Historic Scotland
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Opening times

1 April to 30 September:
Monday to Sunday, 10am to 4.15pm (last outward sailing)

1 to 31 October:
Monday to Sunday, 10am to 3.15pm (last outward sailing)

1 November to 31 March:
Closed

Due to limited capacity we recommend all visits to Lochleven Castle be booked in advance.

Check here for unexpected closures
 

History

Lochleven is linked to many colourful events and famous characters – royal visitors and royal prisoners alike. But the island stronghold is best known as the place where Mary Queen of Scots was held prisoner for almost a year.

Some who took the boat across Loch Leven came of their own free will, including Robert the Bruce in 1313 and 1323. Others were imprisoned within the castle walls – such as Robert Stewart in 1369, two years before his coronation as Robert II.

Mary Queen of Scots first visited Lochleven in 1561 as a guest of its owner, Sir William Douglas. Her last stay, in 1567–8, was as his prisoner.

While at Lochleven, Mary:

  • suffered a miscarriage of twins – likely fathered by her third husband, the Earl of Bothwell
  • was compelled to abdicate her throne in favour of her infant son, James VI

In May 1568, Mary escaped across the loch and was in exile in England later that month. She never saw her native land again.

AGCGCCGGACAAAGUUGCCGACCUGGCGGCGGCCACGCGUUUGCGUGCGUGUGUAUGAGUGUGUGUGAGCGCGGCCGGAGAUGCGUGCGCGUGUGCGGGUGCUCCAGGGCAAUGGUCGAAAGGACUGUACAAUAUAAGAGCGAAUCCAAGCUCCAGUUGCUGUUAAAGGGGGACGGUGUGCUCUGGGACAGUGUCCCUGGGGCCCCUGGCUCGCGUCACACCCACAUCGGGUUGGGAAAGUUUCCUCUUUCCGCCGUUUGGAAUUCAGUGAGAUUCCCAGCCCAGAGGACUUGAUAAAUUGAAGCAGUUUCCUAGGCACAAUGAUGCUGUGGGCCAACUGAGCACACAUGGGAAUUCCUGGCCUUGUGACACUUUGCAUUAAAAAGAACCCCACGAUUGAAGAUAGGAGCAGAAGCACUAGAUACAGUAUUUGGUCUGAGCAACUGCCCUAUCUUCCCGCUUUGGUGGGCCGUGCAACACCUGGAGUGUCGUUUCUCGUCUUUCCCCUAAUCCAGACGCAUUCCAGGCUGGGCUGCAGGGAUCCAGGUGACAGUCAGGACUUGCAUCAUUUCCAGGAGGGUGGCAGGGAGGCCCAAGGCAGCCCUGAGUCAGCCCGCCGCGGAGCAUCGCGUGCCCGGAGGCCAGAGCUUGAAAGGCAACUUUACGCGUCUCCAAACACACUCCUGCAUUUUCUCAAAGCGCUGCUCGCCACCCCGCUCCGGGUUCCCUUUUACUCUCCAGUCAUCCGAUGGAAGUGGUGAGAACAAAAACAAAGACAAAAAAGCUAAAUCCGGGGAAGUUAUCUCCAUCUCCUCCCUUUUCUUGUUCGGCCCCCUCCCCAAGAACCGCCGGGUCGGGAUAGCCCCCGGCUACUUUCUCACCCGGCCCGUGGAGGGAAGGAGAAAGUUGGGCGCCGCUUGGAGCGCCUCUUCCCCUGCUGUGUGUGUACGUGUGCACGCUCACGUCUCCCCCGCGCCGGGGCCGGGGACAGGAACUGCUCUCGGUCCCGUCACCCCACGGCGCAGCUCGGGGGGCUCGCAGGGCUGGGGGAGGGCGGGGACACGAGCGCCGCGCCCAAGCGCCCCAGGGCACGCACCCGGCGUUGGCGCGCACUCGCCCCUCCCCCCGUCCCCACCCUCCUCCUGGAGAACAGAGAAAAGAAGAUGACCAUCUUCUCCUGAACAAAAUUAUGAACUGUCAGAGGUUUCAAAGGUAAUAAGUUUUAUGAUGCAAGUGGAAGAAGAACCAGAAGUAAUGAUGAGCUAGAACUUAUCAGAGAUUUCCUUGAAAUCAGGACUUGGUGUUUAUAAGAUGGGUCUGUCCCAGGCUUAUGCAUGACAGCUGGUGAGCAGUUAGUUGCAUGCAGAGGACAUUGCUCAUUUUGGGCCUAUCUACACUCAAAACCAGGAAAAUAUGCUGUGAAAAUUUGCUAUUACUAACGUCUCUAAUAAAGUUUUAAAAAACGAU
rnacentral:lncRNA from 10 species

Island stronghold

The island was much smaller in the days before the loch was partially drained in 1836. When Mary was a prisoner, Lochleven was just the walled castle enclosure and its little garden to the north.

Blind Harry, writing in the 1470s, told of Sir William Wallace capturing the castle around 1300, killing all 30 “Inglismen” he found there. There’s no real evidence to support this fanciful account. But we do know that in 1333, after the Halidon Hill defeat, Lochleven was one of only five castles holding out against the English.

Tower house – and prison

The tall tower house that dominates the castle ruins is one of Scotland’s oldest, built in the 1300s. Its original entrance (later closed) is 5m above ground level, giving direct access to the lord’s hall on the second floor. A fear of flooding may have led to this unusual layout.

Inside, the kitchen and service areas are on the bottom two floors, with the living space above.

During Mary’s time here, the floor above the hall served as her prison. A window was converted into a tiny oratory (chapel) for her private use. The top floor, which housed the queen’s doctor, is where Mary disguised herself before she fled.

 

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